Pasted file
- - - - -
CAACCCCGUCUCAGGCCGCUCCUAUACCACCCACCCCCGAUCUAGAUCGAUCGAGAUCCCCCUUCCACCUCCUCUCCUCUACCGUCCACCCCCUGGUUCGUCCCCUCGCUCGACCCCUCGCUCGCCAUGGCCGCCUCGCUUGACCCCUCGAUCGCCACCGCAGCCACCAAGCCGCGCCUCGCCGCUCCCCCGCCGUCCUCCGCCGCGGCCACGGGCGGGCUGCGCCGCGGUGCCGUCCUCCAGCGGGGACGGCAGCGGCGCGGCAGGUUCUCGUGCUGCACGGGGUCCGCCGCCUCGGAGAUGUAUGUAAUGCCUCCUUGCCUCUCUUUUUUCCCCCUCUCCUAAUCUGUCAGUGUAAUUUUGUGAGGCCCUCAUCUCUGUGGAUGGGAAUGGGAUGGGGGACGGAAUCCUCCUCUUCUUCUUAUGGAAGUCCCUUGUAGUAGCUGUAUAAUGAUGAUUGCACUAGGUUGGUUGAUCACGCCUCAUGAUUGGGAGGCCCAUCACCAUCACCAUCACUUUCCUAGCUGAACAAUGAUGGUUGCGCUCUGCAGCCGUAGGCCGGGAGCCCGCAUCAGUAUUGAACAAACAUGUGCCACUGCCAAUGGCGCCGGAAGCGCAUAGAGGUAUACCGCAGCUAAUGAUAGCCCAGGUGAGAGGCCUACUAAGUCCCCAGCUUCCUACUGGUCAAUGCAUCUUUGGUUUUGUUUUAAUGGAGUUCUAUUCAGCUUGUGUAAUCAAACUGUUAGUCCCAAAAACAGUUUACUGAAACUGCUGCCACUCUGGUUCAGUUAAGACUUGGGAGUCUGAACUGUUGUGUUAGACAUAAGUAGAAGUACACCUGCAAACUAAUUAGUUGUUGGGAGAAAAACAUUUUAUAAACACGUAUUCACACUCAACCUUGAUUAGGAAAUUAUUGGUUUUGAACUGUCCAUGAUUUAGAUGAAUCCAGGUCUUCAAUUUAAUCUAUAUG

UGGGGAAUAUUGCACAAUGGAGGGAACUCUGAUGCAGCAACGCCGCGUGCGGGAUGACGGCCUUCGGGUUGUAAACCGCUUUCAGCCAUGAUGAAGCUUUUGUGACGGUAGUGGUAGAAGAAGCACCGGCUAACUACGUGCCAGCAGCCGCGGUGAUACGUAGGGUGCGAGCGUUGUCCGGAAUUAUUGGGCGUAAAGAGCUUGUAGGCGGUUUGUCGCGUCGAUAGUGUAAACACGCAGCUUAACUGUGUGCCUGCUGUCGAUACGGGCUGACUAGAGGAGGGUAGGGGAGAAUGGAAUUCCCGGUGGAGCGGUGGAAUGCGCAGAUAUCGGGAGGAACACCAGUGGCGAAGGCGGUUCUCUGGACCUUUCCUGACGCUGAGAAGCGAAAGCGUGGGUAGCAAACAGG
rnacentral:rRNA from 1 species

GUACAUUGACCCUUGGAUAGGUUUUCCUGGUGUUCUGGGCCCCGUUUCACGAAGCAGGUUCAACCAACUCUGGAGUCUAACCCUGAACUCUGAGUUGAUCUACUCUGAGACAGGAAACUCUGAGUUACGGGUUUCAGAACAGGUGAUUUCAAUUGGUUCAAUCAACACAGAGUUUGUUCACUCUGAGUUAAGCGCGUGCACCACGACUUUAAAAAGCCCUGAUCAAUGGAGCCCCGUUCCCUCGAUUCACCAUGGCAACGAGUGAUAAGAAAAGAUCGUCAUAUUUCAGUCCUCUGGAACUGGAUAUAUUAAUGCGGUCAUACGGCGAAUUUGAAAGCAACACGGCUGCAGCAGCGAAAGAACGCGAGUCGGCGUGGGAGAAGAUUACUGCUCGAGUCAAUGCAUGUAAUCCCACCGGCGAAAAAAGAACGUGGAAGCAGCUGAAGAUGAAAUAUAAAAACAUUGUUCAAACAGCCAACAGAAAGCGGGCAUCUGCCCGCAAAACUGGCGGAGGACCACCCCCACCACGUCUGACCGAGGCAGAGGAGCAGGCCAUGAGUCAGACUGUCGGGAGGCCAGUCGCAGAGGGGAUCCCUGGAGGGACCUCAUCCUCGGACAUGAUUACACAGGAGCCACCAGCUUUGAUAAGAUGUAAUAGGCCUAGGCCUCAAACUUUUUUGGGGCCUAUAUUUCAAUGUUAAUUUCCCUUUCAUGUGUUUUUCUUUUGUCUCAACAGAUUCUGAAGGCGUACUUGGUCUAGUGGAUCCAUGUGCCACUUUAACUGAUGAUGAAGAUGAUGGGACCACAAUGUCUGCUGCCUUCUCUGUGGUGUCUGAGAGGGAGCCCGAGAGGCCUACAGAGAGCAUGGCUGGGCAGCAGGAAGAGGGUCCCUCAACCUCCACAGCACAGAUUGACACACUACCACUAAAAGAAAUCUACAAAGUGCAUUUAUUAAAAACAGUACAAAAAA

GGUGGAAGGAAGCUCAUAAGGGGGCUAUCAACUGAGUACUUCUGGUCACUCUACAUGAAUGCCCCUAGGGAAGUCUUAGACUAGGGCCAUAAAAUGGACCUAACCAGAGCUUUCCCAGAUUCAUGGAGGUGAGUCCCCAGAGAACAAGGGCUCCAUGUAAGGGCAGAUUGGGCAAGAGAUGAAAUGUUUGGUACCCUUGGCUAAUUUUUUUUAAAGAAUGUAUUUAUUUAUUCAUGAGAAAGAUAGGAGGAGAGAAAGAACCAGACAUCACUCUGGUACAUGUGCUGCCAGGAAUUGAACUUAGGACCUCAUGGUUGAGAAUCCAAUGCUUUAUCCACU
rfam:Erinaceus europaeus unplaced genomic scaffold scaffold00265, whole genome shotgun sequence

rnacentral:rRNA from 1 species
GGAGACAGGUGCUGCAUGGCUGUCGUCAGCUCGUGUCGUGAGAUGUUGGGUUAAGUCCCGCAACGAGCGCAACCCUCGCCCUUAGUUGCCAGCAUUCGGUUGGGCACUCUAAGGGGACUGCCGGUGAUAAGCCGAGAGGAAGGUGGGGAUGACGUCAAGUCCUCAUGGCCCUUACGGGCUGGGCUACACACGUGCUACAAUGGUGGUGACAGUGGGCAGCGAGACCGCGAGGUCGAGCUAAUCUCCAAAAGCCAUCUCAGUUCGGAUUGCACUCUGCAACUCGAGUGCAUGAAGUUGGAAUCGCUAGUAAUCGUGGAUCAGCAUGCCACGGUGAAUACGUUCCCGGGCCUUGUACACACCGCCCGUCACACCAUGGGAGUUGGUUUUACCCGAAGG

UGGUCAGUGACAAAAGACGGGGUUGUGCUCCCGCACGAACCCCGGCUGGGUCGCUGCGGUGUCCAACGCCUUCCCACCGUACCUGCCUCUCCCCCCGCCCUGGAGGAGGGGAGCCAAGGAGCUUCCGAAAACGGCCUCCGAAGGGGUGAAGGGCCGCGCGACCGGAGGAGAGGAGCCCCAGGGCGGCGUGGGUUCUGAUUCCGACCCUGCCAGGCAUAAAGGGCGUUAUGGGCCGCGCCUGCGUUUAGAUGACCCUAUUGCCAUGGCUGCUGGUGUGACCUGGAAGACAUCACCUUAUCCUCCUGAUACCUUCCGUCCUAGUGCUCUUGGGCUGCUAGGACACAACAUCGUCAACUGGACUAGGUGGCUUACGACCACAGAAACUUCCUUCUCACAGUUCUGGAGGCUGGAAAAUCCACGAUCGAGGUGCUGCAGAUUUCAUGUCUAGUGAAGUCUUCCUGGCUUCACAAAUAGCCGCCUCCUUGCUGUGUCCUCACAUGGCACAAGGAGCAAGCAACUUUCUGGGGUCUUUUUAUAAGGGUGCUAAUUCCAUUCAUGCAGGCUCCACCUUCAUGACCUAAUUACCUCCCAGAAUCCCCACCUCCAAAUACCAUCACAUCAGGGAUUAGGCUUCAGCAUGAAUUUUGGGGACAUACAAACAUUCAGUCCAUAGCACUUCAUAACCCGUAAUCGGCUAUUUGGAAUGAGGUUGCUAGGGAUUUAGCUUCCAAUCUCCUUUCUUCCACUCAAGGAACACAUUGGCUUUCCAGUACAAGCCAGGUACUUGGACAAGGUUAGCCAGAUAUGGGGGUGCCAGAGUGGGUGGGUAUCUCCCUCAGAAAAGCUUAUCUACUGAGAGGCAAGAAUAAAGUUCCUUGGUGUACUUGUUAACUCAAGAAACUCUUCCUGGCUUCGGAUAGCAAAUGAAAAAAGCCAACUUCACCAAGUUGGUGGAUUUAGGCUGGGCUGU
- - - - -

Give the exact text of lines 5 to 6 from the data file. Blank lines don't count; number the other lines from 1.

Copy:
GGUGGAAGGAAGCUCAUAAGGGGGCUAUCAACUGAGUACUUCUGGUCACUCUACAUGAAUGCCCCUAGGGAAGUCUUAGACUAGGGCCAUAAAAUGGACCUAACCAGAGCUUUCCCAGAUUCAUGGAGGUGAGUCCCCAGAGAACAAGGGCUCCAUGUAAGGGCAGAUUGGGCAAGAGAUGAAAUGUUUGGUACCCUUGGCUAAUUUUUUUUAAAGAAUGUAUUUAUUUAUUCAUGAGAAAGAUAGGAGGAGAGAAAGAACCAGACAUCACUCUGGUACAUGUGCUGCCAGGAAUUGAACUUAGGACCUCAUGGUUGAGAAUCCAAUGCUUUAUCCACU
rfam:Erinaceus europaeus unplaced genomic scaffold scaffold00265, whole genome shotgun sequence